The trip through ER can be a scary, threatening and life changing experience for people of color.
I am not talking about a trip to the emergency room, but a trip through life for the people who have to deal with environmental racism. If you are unfamiliar, environmental racism is the oppression of people of color through environmental degradation. According to Do Something, African Americans are 79 percent more likely to live in areas with industrial waste facilities, compared to Whites. The effects of living within close proximity to toxic dumping sites can have long-term effects on community well-being, specifically affecting the neighborhood water, air, and food quality.
The environmental struggles people of color face are systematic, stemming from poor governmental regulations and enforced policies that prioritizes the privileged, while complacently accommodates marginalized communities.
Mobilizing Our Communities
When engaging people of color in this issue, we must explain that the environmental movement is not about being a tree hugging hippy, but about sustaining our communities so that we can improve the livelihoods of future generations.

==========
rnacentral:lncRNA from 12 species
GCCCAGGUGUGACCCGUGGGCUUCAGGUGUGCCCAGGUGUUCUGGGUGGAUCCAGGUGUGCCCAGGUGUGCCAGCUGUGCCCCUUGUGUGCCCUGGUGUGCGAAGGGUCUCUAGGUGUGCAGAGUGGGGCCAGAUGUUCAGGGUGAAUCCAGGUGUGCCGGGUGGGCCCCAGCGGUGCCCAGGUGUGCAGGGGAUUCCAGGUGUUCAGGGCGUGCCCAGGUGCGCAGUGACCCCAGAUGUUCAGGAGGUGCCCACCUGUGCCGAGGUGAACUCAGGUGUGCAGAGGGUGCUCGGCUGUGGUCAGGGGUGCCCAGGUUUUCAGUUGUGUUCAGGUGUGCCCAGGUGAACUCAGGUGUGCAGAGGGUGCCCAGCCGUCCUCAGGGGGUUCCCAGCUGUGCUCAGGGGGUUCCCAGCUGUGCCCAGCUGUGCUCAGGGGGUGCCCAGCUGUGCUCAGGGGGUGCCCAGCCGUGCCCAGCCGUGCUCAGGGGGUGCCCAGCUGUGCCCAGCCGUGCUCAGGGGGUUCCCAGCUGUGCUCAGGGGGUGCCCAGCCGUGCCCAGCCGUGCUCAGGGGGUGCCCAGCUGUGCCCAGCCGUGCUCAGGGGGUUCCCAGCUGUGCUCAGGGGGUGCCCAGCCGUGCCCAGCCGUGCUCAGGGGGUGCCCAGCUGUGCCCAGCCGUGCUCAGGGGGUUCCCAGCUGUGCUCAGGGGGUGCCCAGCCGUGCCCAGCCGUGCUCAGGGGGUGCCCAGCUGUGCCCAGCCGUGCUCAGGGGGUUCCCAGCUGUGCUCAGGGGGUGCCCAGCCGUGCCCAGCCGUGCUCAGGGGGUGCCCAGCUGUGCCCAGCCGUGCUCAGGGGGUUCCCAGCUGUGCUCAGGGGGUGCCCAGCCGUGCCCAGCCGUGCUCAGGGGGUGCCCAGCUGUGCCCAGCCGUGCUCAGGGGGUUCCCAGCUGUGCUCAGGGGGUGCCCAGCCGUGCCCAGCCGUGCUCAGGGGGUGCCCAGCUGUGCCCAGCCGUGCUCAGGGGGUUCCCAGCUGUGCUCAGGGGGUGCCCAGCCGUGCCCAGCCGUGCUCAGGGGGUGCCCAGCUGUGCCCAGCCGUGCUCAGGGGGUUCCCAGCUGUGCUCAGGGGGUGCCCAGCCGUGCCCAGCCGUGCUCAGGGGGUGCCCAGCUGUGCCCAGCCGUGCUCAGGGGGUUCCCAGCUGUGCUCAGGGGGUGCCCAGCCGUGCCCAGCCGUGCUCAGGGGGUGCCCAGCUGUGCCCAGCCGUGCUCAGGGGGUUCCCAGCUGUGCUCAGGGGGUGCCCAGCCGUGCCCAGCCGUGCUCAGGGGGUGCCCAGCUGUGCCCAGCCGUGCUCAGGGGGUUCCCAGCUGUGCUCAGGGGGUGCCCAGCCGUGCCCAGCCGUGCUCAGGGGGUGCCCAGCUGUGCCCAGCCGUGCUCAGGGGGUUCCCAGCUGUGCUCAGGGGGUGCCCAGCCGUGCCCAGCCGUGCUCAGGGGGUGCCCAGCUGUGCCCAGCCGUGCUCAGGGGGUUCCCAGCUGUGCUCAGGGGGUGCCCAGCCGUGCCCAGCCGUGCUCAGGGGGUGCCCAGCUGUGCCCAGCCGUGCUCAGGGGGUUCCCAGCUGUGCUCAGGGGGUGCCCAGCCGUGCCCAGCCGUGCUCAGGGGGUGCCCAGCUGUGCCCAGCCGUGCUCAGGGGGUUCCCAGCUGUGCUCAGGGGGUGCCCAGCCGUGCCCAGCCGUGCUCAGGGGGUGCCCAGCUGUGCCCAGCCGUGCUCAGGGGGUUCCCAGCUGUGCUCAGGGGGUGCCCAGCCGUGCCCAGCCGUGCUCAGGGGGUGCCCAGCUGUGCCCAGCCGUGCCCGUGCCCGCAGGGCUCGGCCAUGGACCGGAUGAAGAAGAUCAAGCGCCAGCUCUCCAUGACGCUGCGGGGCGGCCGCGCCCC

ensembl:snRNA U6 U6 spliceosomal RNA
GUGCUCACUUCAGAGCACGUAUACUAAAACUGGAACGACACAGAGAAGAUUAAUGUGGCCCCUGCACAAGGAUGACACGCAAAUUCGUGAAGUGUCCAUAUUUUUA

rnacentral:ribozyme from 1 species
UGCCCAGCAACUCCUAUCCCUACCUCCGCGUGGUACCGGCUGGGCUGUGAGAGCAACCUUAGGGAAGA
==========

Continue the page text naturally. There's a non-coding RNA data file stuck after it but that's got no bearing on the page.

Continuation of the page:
Communities of Color are Disproportionately Affected
In the United States low-income African American and Latinos are more likely to suffer from environmental racism. There is intersectional interest between economic class and race in the fight for a more sustainable future. Low-income areas, most often resided by people of color, are the hardest hit areas by pollution.
But there is good news. A lot of work is being done for a more sustainable future that deals directly with environmental racism issues. Environmental Justice fights for equal rights for all people when dealing with the development of environmental laws, or the enforcement of new policies and regulations.
We Act for Environmental Justice is a Harlem-based organization, whose mission is to build healthy communities by assuring that people of color and/or low-income participate meaningfully in the creation of sound and fair environmental health and protection policies.
The NYC Environmental Justice Alliance is a non-profit that connects different grassroots organizations from low-income neighborhoods and communities of color who work toward environmental justice together.
By Korbin Miles